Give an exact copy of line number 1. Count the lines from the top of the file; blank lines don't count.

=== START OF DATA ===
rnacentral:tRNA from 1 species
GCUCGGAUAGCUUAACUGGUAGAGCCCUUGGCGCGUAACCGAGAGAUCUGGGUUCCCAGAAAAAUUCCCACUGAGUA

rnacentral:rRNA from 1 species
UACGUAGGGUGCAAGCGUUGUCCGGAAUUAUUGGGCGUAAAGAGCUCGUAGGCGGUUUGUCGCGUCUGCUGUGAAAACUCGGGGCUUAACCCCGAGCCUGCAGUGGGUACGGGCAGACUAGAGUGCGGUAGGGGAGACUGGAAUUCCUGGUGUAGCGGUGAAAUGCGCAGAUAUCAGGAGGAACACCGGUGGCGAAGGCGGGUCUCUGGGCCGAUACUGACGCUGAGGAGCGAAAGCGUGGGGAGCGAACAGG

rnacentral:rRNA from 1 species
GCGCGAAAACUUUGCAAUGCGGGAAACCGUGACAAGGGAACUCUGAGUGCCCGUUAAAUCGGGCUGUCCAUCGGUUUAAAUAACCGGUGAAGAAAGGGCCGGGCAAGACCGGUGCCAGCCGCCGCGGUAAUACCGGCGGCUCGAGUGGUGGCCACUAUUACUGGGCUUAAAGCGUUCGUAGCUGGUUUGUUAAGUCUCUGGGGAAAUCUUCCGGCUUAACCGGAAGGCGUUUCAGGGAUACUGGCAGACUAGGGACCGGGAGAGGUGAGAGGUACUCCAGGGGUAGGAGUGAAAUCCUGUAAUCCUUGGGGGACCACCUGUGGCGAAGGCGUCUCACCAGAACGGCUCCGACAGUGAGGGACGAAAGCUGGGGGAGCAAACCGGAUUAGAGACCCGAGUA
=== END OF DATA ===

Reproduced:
rnacentral:tRNA from 1 species